Migrant Workers in International Human Rights Law: Their Protection in Countries of Employment

By Ryszard Cholewinski | Go to book overview

3 The Protection of the Rights of Migrant Workers and their Families by the ILO With Particular Reference to the Migrant Workers Instruments of 1949 and 1975

3.1 INTRODUCTION

This chapter examines the International Labour Organization's contribution to the protection of the economic, social, cultural, political, and residence rights of migrant workers and their families, the first of a series of chapters dealing with international approaches to this question. It is fitting to begin with the International Labour Organization (ILO), which has a long-standing tradition of the protection of people in their working environment. Moreover, ILO Conventions relating to the protection of migrant workers and their families are the only universal set of standards concerned with this group currently in force at the international level.1 Before undertaking an examination of these standards, it is proposed to set the discussion within the framework of ILO standard-setting activities in the field of human rights and the unique ILO supervisory procedures and mechanisms concerned with their protection and promotion.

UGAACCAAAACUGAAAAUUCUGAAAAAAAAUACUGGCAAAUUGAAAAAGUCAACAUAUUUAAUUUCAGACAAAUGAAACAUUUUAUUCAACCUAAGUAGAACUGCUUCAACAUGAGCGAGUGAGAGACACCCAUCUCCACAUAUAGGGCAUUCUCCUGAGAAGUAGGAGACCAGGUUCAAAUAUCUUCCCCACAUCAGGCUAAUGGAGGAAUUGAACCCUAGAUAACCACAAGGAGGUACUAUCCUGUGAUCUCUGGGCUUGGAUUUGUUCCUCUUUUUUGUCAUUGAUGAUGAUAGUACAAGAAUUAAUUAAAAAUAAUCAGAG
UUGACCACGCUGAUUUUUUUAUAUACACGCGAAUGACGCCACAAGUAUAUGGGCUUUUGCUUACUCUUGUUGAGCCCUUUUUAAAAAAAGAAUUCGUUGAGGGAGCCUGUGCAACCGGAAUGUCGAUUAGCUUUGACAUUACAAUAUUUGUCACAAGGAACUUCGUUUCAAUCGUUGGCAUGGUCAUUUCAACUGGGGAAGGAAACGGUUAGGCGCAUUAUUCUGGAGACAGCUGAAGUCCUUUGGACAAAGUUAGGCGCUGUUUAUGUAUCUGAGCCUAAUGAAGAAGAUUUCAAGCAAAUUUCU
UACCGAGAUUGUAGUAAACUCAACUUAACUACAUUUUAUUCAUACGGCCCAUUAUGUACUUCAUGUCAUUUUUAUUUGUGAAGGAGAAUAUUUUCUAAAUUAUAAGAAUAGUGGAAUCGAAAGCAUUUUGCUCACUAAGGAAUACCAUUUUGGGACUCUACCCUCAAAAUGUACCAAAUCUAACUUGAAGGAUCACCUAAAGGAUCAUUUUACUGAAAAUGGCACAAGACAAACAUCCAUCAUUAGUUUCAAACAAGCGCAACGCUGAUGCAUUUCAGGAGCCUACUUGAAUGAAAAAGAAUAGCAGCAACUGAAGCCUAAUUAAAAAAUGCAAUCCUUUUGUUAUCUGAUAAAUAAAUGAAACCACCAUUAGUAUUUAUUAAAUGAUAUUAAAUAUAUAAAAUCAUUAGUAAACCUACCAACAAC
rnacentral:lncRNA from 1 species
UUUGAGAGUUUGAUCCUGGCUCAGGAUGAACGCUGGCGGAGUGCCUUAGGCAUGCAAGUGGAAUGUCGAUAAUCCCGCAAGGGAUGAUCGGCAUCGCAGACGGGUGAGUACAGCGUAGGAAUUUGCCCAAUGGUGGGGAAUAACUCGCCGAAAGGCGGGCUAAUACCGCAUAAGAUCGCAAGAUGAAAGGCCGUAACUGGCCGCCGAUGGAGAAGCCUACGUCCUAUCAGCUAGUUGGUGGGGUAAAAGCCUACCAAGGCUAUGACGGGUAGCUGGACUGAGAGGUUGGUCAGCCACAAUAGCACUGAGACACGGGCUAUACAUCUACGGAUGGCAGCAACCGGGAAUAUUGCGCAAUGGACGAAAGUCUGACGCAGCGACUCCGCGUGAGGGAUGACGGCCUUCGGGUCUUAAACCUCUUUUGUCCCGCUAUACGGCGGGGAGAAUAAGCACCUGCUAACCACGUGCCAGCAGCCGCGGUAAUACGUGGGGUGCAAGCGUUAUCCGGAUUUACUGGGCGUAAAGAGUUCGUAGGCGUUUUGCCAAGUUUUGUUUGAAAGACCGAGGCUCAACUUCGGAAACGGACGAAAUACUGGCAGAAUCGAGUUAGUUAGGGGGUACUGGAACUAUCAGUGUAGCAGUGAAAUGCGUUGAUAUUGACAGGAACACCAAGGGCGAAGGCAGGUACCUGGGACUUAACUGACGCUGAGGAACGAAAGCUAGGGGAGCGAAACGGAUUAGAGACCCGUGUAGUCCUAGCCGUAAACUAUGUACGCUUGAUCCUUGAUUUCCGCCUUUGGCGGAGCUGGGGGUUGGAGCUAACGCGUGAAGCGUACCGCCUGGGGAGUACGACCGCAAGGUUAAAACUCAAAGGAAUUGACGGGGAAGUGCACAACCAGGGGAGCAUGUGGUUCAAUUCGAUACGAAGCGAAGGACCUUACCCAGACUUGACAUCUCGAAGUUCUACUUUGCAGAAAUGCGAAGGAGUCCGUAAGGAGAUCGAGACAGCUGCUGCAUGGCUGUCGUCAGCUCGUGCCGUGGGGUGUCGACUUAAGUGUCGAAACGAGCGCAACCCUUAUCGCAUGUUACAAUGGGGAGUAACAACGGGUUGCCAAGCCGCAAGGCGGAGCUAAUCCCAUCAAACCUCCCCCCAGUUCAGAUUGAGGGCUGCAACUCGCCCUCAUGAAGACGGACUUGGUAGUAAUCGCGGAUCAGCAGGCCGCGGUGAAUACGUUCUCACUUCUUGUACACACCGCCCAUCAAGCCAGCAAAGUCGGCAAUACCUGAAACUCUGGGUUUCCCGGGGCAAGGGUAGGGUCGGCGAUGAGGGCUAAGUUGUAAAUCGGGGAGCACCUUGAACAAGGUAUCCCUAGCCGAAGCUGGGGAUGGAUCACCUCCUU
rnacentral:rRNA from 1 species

3.2 THE ILO AND HUMAN RIGHTS

Origins and the Constitution

The ILO was founded in 1919 by the Peace Treaty of Versailles to regulate international labour concerns. International regulation was seen as essential to respond to demands for better working conditions prevalent in many countries since the end of the nineteenth century, and to offset any economic and competitive disadvantages which might accrue to those states that sought to combat these problems alone.2 The ILO was the only significant intergovernmental organization

____________________
1
The UN International Convention on the Protection of the Rights of All Migrant Workers and Members of Their Families is not yet in force. See Ch. 4.
2
V. A. Leary, International Labour Conventions and National Law: The Effectiveness of the Automatic Incorporation of Treaties in National Legal Systems ( The Hague: Martinus Nijhoff, 1982) 6; L. Betten, "'At its 75th Anniversary, the International Labour Organization Prepares itself for an Active Future'" ( 1994) 12 NQHR 425, 429.

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